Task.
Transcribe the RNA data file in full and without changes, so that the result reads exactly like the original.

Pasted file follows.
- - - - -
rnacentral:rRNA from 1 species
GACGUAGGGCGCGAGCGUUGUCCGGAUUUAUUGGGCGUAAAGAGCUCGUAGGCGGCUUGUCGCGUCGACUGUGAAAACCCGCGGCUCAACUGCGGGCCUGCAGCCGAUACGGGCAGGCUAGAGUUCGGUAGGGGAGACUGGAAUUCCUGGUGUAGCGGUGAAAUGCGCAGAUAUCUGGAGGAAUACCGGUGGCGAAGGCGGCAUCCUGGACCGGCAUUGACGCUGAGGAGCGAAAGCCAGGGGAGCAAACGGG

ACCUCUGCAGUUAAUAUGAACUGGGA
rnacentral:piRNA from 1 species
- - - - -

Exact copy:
rnacentral:rRNA from 1 species
GACGUAGGGCGCGAGCGUUGUCCGGAUUUAUUGGGCGUAAAGAGCUCGUAGGCGGCUUGUCGCGUCGACUGUGAAAACCCGCGGCUCAACUGCGGGCCUGCAGCCGAUACGGGCAGGCUAGAGUUCGGUAGGGGAGACUGGAAUUCCUGGUGUAGCGGUGAAAUGCGCAGAUAUCUGGAGGAAUACCGGUGGCGAAGGCGGCAUCCUGGACCGGCAUUGACGCUGAGGAGCGAAAGCCAGGGGAGCAAACGGG

ACCUCUGCAGUUAAUAUGAACUGGGA
rnacentral:piRNA from 1 species